For HWDT ongoing research is vital for monitoring such trends and that as well as the whole programme is enabled by its unique citizen science programme.
The atlas celebrates the contribution of made by more than 700 paying volunteers who have joined one of 200 research expeditions on Silurian, making the surveys possible year after year.
It always uses the same rigorous methods, with annual variations in survey effort accounted for – ensuring findings are comparable between years.
This provides long-term data on species’ distributions, populations, and behaviours, which is crucial for identifying important areas, and trends and changes in the marine environment.
That HWDT data helped to identify Marine Protected Areas for harbour porpoise in the Inner Hebrides and Minches candidate Special Area of Conservation and for minke whales and basking sharks in the Sea of Hebrides which is a proposed Marine Protected Area.
Dr Lauren Hartny-Mills, Science and Policy Manager at Hebridean Whale and Dolphin Trust, said: “This pioneering research is transforming our understanding of the Hebrides’ remarkable cetaceans, while offering new insights about trends and changes in the marine environment.
“We have collected data every year and that enables direct comparison across time going back 15 years. Marine animals live for a very long time so in another way the survey has to take that time as well as monitoring the effect on the marine environment.”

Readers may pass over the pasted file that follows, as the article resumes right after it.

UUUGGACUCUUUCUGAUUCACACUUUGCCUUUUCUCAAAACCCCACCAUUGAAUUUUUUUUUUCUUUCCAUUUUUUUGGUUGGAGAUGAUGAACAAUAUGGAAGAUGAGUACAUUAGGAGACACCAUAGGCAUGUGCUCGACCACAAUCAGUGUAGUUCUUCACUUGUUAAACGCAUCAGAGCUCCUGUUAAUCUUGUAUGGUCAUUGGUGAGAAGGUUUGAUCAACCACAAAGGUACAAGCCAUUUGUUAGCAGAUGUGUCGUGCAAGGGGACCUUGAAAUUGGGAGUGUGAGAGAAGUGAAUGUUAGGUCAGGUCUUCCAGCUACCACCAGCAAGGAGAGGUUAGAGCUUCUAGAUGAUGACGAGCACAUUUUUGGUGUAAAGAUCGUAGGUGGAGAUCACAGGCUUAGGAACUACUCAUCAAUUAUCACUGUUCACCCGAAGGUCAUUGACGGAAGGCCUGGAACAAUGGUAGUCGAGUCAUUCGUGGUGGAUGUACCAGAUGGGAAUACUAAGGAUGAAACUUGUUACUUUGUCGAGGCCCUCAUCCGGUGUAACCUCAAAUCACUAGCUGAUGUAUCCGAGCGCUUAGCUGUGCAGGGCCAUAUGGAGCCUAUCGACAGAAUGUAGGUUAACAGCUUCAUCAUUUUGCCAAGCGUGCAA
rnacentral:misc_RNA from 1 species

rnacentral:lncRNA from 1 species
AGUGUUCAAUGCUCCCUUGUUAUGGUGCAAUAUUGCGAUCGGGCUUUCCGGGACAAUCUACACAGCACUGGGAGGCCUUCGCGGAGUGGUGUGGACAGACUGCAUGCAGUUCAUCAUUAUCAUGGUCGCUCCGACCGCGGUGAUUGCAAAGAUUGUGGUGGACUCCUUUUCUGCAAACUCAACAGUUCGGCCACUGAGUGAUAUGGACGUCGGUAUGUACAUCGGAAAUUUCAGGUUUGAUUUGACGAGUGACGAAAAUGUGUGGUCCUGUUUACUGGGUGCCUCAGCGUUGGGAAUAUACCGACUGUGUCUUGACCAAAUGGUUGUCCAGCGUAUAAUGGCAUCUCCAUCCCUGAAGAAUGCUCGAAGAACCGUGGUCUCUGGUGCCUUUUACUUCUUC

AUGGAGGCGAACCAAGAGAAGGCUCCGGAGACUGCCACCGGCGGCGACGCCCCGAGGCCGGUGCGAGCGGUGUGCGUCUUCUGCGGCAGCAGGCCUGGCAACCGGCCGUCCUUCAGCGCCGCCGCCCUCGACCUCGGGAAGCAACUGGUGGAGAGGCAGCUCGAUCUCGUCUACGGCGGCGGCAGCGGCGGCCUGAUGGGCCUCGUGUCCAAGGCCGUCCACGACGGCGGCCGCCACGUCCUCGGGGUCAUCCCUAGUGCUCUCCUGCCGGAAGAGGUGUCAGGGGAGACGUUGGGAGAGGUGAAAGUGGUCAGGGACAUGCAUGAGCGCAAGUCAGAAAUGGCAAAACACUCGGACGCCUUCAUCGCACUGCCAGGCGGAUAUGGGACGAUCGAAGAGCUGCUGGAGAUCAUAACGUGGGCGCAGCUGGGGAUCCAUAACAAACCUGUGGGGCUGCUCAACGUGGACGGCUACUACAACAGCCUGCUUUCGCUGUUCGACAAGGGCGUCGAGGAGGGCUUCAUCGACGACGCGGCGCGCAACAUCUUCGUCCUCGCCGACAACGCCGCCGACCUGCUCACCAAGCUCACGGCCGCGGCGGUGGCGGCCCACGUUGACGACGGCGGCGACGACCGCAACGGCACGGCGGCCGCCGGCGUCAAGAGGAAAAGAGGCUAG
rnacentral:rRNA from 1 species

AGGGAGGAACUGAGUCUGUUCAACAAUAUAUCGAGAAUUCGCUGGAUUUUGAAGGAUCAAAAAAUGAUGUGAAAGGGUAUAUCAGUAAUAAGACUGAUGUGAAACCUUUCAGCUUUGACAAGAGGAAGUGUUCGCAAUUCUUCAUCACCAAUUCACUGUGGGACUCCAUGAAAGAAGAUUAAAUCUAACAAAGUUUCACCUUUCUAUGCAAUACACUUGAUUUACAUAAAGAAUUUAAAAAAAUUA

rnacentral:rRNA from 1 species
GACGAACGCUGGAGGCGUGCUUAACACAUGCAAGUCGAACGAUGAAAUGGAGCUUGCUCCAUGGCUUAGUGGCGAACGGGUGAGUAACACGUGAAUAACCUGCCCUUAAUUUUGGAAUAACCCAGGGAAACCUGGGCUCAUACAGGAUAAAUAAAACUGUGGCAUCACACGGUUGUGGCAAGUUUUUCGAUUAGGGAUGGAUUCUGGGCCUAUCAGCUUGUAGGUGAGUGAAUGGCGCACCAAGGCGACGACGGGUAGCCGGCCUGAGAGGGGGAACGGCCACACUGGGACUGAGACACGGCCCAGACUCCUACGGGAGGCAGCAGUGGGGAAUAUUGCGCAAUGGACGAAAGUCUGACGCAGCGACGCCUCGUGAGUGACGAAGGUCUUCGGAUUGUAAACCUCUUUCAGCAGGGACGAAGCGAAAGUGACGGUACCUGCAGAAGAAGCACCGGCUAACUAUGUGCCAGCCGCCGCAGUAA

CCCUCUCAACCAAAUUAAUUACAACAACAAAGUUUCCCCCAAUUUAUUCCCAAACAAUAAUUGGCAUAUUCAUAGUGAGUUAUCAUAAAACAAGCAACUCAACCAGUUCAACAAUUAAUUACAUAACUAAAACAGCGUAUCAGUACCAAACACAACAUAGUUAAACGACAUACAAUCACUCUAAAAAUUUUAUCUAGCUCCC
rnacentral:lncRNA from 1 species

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Television presenter and patron of the trust, Liz Bonnin, said: “It is increasingly clear that the Hebrides is a truly special place for cetaceans and basking sharks and that we need to do far more to protect them and their environment.
“I had the great pleasure of sailing on Silurian and I am thrilled to be able to lend my support to such an outstanding organisation which works directly towards these goals.”
Mystery remains behind one of the largest mortality events ever after 82 whales wash up on Scotland
The publication of research by the Hebridean Whale and Dolphin Trust comes hot on the heels of an “unprecedented” number of whale deaths in the trust’s area of study.